Common Misconceptions About Bitcoin

 

Every person learning about Bitcoin comes across the same questions. I myself asked these questions a few years ago when I was starting to learn about it. Here are the answers to a few commonly asked questions.

Is Bitcoin used by criminals?

Yes.

But criminals also use the internet. And cars, computers, encrypted communication methods, and even US dollars. It’s not possible for a thing to exist without someone using it for some illicit activity.

As opposed to the US dollar system, every single transaction on the Bitcoin network is publicly viewable. It’s possible, via analysis of the blockchain, to estimate the amount of illicit activity conducted as a percentage of all the transactions on the network. According to Chainalysis, only 0.15% of all cryptocurrency activity was related to illegal activities, whereas total money laundered per year is approximately 2 – 5% of global GDP, with 90% of that going undetected according to Renolon.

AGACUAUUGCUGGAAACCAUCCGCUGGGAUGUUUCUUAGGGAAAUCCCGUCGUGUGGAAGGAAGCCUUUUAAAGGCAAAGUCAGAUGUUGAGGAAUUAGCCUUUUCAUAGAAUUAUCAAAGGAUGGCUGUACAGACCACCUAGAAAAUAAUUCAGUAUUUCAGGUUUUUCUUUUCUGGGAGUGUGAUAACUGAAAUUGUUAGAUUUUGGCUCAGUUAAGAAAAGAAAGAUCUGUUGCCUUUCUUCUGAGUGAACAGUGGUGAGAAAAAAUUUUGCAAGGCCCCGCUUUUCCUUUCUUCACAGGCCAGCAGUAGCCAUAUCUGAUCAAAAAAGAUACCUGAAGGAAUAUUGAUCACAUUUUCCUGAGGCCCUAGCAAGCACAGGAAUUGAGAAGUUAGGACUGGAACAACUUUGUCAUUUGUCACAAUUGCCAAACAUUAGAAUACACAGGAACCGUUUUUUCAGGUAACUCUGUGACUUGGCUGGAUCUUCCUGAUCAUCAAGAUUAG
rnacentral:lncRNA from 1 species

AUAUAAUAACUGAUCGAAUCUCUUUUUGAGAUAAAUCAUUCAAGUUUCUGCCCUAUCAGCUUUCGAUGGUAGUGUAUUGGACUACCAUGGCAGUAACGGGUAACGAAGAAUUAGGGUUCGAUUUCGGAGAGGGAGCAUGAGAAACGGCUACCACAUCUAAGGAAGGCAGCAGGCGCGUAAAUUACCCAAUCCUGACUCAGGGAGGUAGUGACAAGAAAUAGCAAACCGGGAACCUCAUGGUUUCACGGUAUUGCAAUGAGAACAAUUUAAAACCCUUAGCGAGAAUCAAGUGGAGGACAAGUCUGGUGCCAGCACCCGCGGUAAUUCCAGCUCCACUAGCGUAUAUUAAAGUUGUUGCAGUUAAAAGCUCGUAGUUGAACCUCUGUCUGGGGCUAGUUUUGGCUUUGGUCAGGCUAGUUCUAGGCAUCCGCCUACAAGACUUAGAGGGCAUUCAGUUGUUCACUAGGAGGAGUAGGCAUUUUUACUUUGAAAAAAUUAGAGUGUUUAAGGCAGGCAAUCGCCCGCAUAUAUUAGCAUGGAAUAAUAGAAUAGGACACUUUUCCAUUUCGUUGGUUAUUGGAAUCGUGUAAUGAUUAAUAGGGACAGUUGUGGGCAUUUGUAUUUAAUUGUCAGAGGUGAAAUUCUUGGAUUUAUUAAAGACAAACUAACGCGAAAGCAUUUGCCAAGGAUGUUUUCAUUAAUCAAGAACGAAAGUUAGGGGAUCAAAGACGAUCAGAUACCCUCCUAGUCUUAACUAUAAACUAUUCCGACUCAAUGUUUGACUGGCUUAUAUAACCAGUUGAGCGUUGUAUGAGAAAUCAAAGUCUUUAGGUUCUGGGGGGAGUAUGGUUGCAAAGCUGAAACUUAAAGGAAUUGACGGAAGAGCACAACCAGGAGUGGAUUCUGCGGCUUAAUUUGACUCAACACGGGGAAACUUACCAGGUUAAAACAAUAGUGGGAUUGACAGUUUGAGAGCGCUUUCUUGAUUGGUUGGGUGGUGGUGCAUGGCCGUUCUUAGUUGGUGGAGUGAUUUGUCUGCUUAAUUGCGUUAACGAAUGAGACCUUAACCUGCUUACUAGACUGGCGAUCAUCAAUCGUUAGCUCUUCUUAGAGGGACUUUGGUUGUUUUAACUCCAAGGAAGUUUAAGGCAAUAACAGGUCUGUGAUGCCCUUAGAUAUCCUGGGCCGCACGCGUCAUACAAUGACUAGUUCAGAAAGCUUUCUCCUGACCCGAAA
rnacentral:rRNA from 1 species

So, while any technology or monetary system will be used by criminals, with Bitcoin it’s possible to pinpoint how much criminal activity is being performed. Additionally—for better or for worse—it’s apparent that illicit activity on the Bitcoin blockchain is less frequent than illicit activity using the US dollar system.

How secure is Bitcoin? Can it be hacked?

Bitcoin’s security is provided via three methods: mining, nodes, and cryptography. Each of these protects the network from a different form of attack, making it the most secure digital network in existence today.

Mining provides security against external attacks from actors trying to reverse transactions. In total, the Bitcoin mining computers use an immense amount of electricity by running a very large number of transactions (150,000,000,000,000,000,000 per second as of June 2022). If an attacker wanted to reverse a transaction, they would have to use enough computing power to rival that of the network, which would require billions of dollars in physical equipment and electrical cost.

Nodes ensure all transactions and users adhere to the rules of the Bitcoin network, protecting it from internal malicious actors. If someone were to try to spend bitcoins that they don’t own, any node that sees the transaction will immediately identify it as fraudulent and drop it from the network.